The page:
Citheronia regalis: Do's and Don'ts

by Bill Oehlke

Citheronia regalis caterpillar, copyright protected, courtesy of Bob Jensen

The spectactular size and "weaponry" of Hickory Horned-Devil larvae can't help but impress all those who rear them. For such a monstrous larvae (often exceed six inches), they are relatively easy to rear. Final instar larvae are most often green, sometimes taking on a bluish hue prior to pupation. This article presents the "Do's and Don'ts" for a successful rearing program.

Larva developing inside the egg, courtesy of Louis Dawson.

Louise Dawson writes, "The Citheronia ova are so cool! I can clearly see the developing larva inside and even see them move through my 20X fieldscope. They look like little light yellowish donuts inside with dark heads."

My experience has been that incubation takes about ten days, and the dark heads will become visible through the eggshell at around the seventh day. This seems to be true of many of the large Ceratocampinae.

1) Divide up your regalis eggs so that you only have a few eggs in a good sized hatching container.

1) Don't put foliage in with unhatched eggs.
2) Don't "put all your eggs in one basket."

Both my father and I have seen Ceratocampinae eggs develop nicely, with visible larvae forming up, only to have the eggs go unhatched. Something happens to the developing larvae just before emergence. Others report this same experience.

We have long known not to put foliage in with unhatched eggs in a closed container. The results are usually disastrous and this applies not only to Ceratocampinae eggs. Either the moisture or the Carbon Dioxide or other gases from the foliage or a combination apparently suffocates the developing larva inside the eggshell.

The larva may need a good supply of oxygen at this critical time and the coating of condensate that forms on the eggs in such cases may well block the transfer of Oxygen through the micropyle (little breathing hole). It is also possible that the Carbon Dioxide buildup from the foliage simply smothers the eggs.

I recently received two dozen regalis eggs. I divided them up into groups of four-eggs-each to quart sized zip-loc plastic tubs. The lids were on tight, no airholes. Unhatched eggs were carefully lifted (with a spoon) to new containers before foliage (Rhus typhina; Staghorn sumac) was introduced to the hatchlings. All twenty-four eggs hatched.

Anyone, who has ever opened a closed container with numerous regalis hatchlings, has probably noticed a distinct odor. These "emergence" fumes (in a closed container) may well have the same effect on unhatched eggs that foliage does. The fumes may be toxic in themselves or may form a condensate that smothers unhatched eggs.

Jeff Shumacher writes, "I just recently received some regalis ova from you (my father). I have a problem: Of the dozen ova I got, only six of them hatched. The others looked like they were developing, but just when it looked like they should be ready to hatch, they died. Of the six that hatched only two of them started eating. I had them on black walnut. Two years ago I had a mating of regalis and the same thing happened to almost all of the ova. I can't figure out what I could have done to cause this to happen."

Jeff indicated he had not put foliage in with unhatched eggs, so I suspect emergent fumes may have "done in" the unhatched eggs.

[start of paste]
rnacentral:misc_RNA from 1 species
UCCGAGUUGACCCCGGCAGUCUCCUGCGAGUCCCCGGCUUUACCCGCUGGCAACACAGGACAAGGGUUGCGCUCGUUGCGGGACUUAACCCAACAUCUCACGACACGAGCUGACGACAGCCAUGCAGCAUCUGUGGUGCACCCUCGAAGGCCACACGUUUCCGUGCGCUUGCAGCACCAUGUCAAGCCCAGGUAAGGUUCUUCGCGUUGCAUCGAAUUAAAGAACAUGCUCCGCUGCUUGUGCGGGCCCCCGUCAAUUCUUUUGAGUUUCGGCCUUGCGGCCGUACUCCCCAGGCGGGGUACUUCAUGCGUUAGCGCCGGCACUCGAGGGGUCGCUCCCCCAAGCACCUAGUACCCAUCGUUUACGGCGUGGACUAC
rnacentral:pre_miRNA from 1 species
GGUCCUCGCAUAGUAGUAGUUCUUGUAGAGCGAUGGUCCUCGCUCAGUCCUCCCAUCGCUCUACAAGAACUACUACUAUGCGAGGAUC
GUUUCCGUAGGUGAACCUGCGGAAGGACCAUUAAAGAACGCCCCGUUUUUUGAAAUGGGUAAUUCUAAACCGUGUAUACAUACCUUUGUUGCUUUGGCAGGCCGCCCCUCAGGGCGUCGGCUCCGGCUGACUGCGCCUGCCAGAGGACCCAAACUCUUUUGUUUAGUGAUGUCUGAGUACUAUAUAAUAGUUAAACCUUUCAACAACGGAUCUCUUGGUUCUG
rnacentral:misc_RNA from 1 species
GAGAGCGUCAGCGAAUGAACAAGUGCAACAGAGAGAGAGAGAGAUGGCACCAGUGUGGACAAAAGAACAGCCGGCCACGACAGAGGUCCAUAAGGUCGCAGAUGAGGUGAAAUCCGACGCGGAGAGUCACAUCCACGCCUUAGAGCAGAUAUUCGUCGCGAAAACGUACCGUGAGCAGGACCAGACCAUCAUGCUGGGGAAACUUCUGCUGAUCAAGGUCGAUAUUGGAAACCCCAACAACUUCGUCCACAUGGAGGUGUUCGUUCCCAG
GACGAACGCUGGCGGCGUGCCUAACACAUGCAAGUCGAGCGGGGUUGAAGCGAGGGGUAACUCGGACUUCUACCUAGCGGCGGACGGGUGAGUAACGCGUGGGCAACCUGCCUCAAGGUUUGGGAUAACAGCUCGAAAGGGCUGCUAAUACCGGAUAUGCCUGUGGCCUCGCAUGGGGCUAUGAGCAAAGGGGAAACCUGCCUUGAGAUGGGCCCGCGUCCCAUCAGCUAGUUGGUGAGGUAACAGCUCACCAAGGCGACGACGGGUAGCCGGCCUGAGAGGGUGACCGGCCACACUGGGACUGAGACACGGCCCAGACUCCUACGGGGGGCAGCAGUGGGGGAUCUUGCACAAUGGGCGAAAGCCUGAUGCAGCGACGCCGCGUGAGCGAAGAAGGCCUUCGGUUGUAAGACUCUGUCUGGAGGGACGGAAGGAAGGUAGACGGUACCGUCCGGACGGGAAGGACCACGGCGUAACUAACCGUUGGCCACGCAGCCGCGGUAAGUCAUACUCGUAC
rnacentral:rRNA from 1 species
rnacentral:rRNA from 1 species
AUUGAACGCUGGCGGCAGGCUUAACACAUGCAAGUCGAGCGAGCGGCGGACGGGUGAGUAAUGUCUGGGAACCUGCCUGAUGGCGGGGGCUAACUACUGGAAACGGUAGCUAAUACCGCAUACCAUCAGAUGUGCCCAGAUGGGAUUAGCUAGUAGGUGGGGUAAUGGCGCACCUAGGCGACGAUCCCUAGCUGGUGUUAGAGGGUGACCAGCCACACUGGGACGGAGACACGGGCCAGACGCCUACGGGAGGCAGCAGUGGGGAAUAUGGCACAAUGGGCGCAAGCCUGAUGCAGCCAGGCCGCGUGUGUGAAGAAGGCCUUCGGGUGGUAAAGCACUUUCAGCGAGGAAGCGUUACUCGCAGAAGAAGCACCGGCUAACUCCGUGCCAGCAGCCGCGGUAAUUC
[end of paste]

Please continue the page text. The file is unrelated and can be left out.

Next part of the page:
It is also a good idea to offer hatchlings a variety of leaves from the known host plants list. My father has documented a case where luna hatchlings would not accept the same foliage (willow) which their mother had been fed. My father usually uses willow for his regalis, but sweetgum and sumac have also served well. Hickories, walnuts, gums also work well.

Below is a list of recognized foodplants.

Carya glabra
Carya illinoensis
Carya ovata
Cephalanthus occidentalis.....
Diospyros virginiana
Gossypium herbaceum
Juglans cinerea
Juglans nigra
Juglans regia
Liquidambar straciflua.....
Nyssa sylvatica
Oxydendrum arboreum
Platanus occidentalis
Platanus orientalis
Prunus domestica
Prunus serotina
Rhus cismontana
Rhus choriophylla
Rhus glabra
Rhus laurina
Rhus typhina
Sassafras albidum
Syringa vulgaris

Pignut hickory
Shagbark hickory
Button Bush
Bush honeysuckle
Common persimmon
Levant cotton
Black walnut
English walnut
Black gum
American plane tree/Sycamore
Oriental sycamore
Garden plum
Wild black cherry
Mountain sumac
Smooth sumac
Laurel sumac
Staghorn sumac
Common lilac

1) Offer a couple of potential hosts, but only ones for which you have sufficient access to get the brood through.

1) Try to rely on a single host; it is possible that the larva will not accept foliage of parents.
2) Choose a host that is in short supply or difficult to access.

If you run out of starter host part way through the season, you can try offering another host. Sometimes larvae will switch without coaxing. If the larvae seem reluctant to switch, you can try an old trick: Chop up a fresh leave of the original foliage and rub the juices all over your fingers and then rub juices onto new potential host. Sometimes this will get otherwise reluctant larvae started; once they get started, they will usually continue feeding on the new host.

1) Be patient with hatchlings. They have tiny bellies and have literally eaten their way out of the eggshell. It is not uncommon for them to climb along the side of the container and arrange themselves so that the top of body looks limp and is bent downward toward the anal claspers. In this typical resting posture, they resemble bird droppings, and the pose may simply be a camouflage mechanism.

2) Gently brush or lift them back onto foliage with your fingertip or a spoon if they haven't returned after a couple of hours.

Even after they have started feeding, they frequently leave the foliage, and this can be most annoying in a sleeve where they offer themselves up to stinkbug predation by hanging on the sleeve.

Immediately assume they are going to starve to death and won't accept what you have offered.

If you are offering a variety from the above list, they will probably settle on something. Sometimes they just take little nibbles and then move on. Tiny poop in the bottom of sleeve or container indicates something is eating!

Once larvae have started feeding the hard part is probably over for this species. They seem quite resistant to disease.